Words have power. The way we arrange our language has power, and when the safety of people is involved, we need to be clear so the message is sent which brings me to the last problem of the original statement …
b) The original statement uses “cyclist,” a term that grates on me. Using “cyclist” narrowly defines a person. The problem with this narrow definition is it creates communication where a person can group people together as “cyclists” when pushing for a negative angle, 50 cyclists were arrested at the Critical Mass ride. This statement allows a person to think, oh those crazy cyclists–all of them–everyone on a bike–people on a bike–I am not one of them.
Also, by using “cyclist,” the opportunity for many people to see riding a bike as a viable part of life is lost because many people think they have to be hard core to be a “cyclist” because “cyclist” is a term that makes you think of races and spandex, of riding your bike more than to the library and grocery store.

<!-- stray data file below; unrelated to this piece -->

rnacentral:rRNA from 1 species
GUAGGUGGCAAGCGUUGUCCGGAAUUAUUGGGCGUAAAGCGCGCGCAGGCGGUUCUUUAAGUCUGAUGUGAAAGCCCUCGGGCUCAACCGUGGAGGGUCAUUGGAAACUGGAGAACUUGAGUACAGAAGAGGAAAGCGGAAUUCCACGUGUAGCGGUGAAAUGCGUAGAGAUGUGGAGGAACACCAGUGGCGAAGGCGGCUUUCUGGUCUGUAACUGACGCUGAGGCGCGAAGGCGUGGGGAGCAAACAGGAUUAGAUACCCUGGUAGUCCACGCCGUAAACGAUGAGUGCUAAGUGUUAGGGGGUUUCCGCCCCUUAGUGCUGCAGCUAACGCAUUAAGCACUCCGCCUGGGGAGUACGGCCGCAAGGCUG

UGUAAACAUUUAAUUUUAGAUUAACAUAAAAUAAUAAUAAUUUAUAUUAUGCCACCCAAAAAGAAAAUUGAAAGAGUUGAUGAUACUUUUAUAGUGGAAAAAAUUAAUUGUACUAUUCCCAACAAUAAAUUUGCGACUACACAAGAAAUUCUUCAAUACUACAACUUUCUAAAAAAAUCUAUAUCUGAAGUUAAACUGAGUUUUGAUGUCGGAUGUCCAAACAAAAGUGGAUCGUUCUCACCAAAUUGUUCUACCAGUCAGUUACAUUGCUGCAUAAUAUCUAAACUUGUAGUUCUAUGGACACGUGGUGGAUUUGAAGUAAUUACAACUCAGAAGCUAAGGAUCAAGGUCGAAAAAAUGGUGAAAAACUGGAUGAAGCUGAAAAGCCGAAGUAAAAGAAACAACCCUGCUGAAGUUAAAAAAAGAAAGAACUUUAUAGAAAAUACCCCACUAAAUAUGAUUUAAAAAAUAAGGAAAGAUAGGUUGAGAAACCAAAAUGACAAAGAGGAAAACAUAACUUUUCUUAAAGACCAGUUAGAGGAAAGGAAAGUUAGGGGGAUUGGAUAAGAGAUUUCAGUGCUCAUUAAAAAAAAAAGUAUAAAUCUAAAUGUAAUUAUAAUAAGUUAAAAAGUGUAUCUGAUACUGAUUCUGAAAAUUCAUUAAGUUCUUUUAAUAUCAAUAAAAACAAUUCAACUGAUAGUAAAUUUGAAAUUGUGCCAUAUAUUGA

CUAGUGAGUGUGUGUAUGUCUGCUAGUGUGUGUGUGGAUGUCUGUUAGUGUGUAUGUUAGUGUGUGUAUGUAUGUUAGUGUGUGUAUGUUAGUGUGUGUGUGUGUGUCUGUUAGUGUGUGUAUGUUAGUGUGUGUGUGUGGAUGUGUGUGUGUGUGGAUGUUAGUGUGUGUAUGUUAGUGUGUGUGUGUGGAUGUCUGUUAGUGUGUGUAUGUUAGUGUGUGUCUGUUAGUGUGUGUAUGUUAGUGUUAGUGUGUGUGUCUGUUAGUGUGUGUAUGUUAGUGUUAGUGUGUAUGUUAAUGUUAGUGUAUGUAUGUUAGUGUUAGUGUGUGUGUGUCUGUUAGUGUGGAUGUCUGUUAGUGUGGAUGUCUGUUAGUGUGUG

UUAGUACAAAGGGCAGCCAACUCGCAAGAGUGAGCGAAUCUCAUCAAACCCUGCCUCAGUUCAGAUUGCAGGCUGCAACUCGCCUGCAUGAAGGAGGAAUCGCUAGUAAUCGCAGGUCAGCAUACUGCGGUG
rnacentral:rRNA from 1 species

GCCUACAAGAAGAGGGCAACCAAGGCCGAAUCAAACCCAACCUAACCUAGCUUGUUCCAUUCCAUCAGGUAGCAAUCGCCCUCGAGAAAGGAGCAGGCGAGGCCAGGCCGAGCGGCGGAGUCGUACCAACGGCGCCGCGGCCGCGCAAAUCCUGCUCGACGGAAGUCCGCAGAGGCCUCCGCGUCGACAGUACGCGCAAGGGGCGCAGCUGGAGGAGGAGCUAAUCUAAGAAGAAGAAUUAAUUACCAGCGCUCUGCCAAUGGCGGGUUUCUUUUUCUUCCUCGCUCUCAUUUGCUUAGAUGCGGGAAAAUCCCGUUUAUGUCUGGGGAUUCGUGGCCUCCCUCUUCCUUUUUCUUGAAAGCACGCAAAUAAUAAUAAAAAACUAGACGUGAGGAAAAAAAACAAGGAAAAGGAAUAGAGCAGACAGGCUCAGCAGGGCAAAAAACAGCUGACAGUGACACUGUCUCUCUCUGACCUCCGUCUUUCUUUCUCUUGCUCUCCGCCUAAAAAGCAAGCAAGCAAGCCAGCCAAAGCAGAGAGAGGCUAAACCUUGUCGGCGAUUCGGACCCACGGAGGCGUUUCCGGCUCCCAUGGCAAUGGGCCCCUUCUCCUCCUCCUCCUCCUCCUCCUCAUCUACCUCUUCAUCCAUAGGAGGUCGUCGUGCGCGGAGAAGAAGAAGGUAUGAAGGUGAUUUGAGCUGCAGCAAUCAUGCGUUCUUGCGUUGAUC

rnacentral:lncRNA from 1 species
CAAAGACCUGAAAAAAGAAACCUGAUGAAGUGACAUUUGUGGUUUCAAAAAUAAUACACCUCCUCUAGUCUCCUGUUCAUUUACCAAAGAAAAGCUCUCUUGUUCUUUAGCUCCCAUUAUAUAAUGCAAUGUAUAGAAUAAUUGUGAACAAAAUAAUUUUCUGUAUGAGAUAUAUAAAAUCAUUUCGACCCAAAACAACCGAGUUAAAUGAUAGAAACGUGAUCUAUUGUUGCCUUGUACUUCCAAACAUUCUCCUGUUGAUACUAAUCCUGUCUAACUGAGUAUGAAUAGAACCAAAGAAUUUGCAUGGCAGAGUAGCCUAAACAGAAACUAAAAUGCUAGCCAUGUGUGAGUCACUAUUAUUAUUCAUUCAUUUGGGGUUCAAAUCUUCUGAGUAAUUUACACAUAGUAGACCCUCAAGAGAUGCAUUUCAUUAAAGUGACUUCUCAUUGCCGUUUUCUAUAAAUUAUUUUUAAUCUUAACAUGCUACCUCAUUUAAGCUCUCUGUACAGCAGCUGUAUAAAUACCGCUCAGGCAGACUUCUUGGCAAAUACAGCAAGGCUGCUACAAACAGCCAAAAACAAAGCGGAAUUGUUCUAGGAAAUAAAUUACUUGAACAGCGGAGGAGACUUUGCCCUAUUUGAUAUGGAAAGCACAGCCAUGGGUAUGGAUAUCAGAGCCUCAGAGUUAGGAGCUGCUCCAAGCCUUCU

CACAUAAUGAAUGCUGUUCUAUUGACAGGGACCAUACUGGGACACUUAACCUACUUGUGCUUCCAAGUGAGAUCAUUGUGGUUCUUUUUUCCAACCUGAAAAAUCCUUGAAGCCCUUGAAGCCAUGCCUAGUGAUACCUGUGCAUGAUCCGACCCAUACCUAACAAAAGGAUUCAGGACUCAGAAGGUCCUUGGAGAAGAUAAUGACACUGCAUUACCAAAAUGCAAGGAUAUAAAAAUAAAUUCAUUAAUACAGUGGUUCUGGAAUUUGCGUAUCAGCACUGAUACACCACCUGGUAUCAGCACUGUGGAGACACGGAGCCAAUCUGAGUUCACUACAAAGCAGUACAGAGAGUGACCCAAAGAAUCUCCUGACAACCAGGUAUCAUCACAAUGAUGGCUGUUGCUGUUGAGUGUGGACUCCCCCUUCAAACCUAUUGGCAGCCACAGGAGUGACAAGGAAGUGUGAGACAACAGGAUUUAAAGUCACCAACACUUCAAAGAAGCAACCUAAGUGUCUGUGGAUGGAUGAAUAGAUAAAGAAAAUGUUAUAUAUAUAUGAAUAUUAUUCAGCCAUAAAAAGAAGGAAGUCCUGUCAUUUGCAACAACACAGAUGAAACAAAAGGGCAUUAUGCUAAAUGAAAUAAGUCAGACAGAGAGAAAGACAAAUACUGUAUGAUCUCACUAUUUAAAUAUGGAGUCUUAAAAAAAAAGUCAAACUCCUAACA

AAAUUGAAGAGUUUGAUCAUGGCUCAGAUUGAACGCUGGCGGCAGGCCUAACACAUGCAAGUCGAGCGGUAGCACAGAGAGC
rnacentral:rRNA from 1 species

“Person on a bike” is a phrase most people can accept because they are people and do ride a bike on occasion. “Cyclist” excludes people.
I am not a cyclist. I am not a driver. I am not a teacher. I am a person. I partake in many activities. I am multidimensional. To think of myself as a “cyclist” ignores that I am more than that. It is ignorant and arrogant. None of my online bios say “bicyclist” or “cyclist.” Do yours? What message are you sending?
I can see why news reporting just goes for the easy write. It takes time to revise and in the end, the writer may argue that the time spent is not worth it, saying Who Cares!?
I care. It is worth it because clear communication, communicates clearly the actual situation. There are many issues with the original statement and I did not touch on the problems of not considering what weak article (a/an/the) usage does to a sentence. Using an indefinite article (a/an) rather than the definitive article (the) hides clarity and responsibility. Better than those articles (also known as a type of adjective) is the adjective (personal pronoun) “his” but I will take that up in another post.
Person on a bike; active voice; responsibility placed; and no robot cars. How would you rewrite The cyclist was hit by a car?
What started me thinking, again, was this retweet by BikePortland. In the tweet it is a driver of a car that hit a man. @KGWNews sent the original tweet, photo at top. I usually see this style of phrasing when referring to a collision involving two operators–one of a bike, one of an car.
Editor’s note: Travis Wittwer is a friend, English teacher, and a father of four who lives in Portland, Oregon. -SV